Lawyer Wants Video Of Conn. Boy's Uzi Death Barred

Prosecutors and defense lawyers argued Monday over whether jurors should see a video that shows an 8-year-old boy accidentally shooting himself in the head with an Uzi and his father dropping the camera and praying that his son is all right.

A lawyer for a former western Massachusetts police chief charged in the boy's death asked a judge to keep the graphic videotape out of his trial.

The video would invoke too much emotion from jurors and prejudice them against former Pelham police Chief Edward Fleury, who is about to go on trial in the 2008 death of Christopher Bizilj, said Fleury's attorney, Rosemary Curran Scapicchio.

Scapicchio told Superior Court Judge Peter Velis that the audio portion of the videotape, taken by Christopher's father, is "horrific" and includes the boy screaming while his father drops the camera and prays for his son.

She said the defense does not dispute that the Ashford, Conn., boy shot himself in the head with a 9 mm micro Uzi submachine gun at the Westfield Sportsman's Club.

"It adds nothing to the commonwealth's case," Scapicchio said of the video. "The issue in dispute ... is whether it's reckless to run a gun show and allow 8-year-olds to shoot."

Scapicchio is asking that the videotape be excluded from the trial, or, if it is allowed, to mute the sound so the jury will not hear the anguished cries of the boy and his father.

The defense also had an unusual request if the judge does allow the videotape in as evidence. Scapicchio said prospective jurors should be allowed to view it and "opt out" of serving on the jury if they believe it is so emotionally wrenching that they cannot remain impartial.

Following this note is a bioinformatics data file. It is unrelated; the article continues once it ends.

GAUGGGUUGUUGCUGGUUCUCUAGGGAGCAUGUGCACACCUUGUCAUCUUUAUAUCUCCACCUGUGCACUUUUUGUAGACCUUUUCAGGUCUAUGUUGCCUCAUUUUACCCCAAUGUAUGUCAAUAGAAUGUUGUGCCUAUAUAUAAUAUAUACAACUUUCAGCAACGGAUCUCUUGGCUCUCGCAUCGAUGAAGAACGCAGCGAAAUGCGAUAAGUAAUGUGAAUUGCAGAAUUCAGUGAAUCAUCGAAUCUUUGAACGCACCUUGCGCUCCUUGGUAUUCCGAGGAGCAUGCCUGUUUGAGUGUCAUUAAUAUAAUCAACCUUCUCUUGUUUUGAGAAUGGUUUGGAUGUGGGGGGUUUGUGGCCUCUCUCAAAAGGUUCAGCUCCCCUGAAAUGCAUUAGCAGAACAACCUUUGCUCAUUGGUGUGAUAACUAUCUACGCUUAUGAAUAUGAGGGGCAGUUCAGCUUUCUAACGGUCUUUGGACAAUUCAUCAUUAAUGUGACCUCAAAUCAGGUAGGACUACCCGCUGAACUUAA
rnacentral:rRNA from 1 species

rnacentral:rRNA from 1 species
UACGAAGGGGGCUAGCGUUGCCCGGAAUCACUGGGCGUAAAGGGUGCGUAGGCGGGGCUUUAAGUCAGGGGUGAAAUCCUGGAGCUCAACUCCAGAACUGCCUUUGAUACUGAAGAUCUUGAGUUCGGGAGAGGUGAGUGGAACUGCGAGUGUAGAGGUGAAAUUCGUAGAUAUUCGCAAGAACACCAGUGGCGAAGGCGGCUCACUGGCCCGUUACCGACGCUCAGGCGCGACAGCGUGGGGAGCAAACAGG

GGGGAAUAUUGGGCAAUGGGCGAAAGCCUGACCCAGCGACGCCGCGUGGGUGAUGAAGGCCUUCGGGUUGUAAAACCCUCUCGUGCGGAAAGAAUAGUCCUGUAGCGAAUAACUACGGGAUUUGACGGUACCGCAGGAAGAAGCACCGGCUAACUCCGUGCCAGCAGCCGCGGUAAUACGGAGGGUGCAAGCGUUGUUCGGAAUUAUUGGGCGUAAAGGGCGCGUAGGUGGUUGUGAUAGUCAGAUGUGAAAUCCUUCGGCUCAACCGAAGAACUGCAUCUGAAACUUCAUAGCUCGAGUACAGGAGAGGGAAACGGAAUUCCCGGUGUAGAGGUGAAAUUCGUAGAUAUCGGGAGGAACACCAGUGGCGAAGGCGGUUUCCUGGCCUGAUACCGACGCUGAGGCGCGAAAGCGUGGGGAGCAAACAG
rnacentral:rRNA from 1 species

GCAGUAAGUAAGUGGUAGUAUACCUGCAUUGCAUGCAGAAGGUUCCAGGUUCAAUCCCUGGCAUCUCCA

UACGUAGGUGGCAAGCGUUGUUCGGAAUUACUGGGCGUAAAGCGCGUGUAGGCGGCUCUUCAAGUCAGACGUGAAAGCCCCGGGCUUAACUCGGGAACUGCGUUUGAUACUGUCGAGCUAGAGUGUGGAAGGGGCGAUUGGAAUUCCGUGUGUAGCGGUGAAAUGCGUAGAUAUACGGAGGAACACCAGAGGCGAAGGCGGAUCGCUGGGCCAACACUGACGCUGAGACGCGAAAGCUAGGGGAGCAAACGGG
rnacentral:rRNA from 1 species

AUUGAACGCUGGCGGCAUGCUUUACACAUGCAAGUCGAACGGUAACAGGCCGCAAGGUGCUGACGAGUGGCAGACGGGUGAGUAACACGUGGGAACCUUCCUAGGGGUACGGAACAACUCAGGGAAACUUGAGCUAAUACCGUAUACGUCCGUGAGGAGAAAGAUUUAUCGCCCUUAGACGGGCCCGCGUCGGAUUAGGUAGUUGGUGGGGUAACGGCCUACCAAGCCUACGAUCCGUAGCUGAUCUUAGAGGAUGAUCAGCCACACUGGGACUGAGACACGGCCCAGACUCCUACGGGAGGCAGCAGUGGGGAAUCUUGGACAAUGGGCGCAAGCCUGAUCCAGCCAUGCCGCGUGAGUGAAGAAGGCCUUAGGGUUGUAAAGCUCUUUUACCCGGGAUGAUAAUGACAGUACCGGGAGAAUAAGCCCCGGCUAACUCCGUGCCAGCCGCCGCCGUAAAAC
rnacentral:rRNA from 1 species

The judge, who said he hadn't seen the tape yet, didn't immediately rule on the issues, but said he would before the start of jury selection Tuesday.

Fleury was charged because he owns the company that co-sponsored the gun fair at the Sportman's Club. He has pleaded not guilty to involuntary manslaughter as well as four counts of furnishing a machine gun to a minor. Prosecutors also lodged involuntary manslaughter charges against the gun club and two men who supplied the weapons, who both await trial.

Hampden District Attorney William Bennett said the video should be shown to jurors, because it depicts the recklessness of the people who ran the event.

"It shows exactly what happened and why this child died," Bennett told the judge. "The video shows the power of the weapon, the danger of the weapon."

Christopher, 4-foot-3 and 66 pounds, stepped up to the firing range that October day to shoot an Uzi as his father and 11-year-old brother watched from a few feet away.

As Christopher fired the micro submachine gun at a pumpkin, the weapon flipped backward and shot him in the head. He was pronounced dead at a hospital.

Scapicchio says there is no way Fleury could have anticipated that a child would die when he co-sponsored the event. The two men who supplied the guns - Carl Giuffre and Domenico Spano - had conducted the same gun shoot at the Westfield club for seven years without incident.

Fleury faces a maximum of 20 years in prison if convicted on the manslaughter charge. He faces a maximum of 10 years if convicted of furnishing the weapon to a minor.

Fleury was chief of the Pelham department at the time of the accident, but never returned to duty. The town's select board announced three months later he was stepping down after an extended leave. His attorney said he retired.

Jury selection is expected to take three to four days. The trial is expected to last at least a week.

Giuffre and Spano have pleaded not guilty to involuntary manslaughter. No trial dates have been set for them yet.

This program aired on December 7, 2010. The audio for this program is not available.


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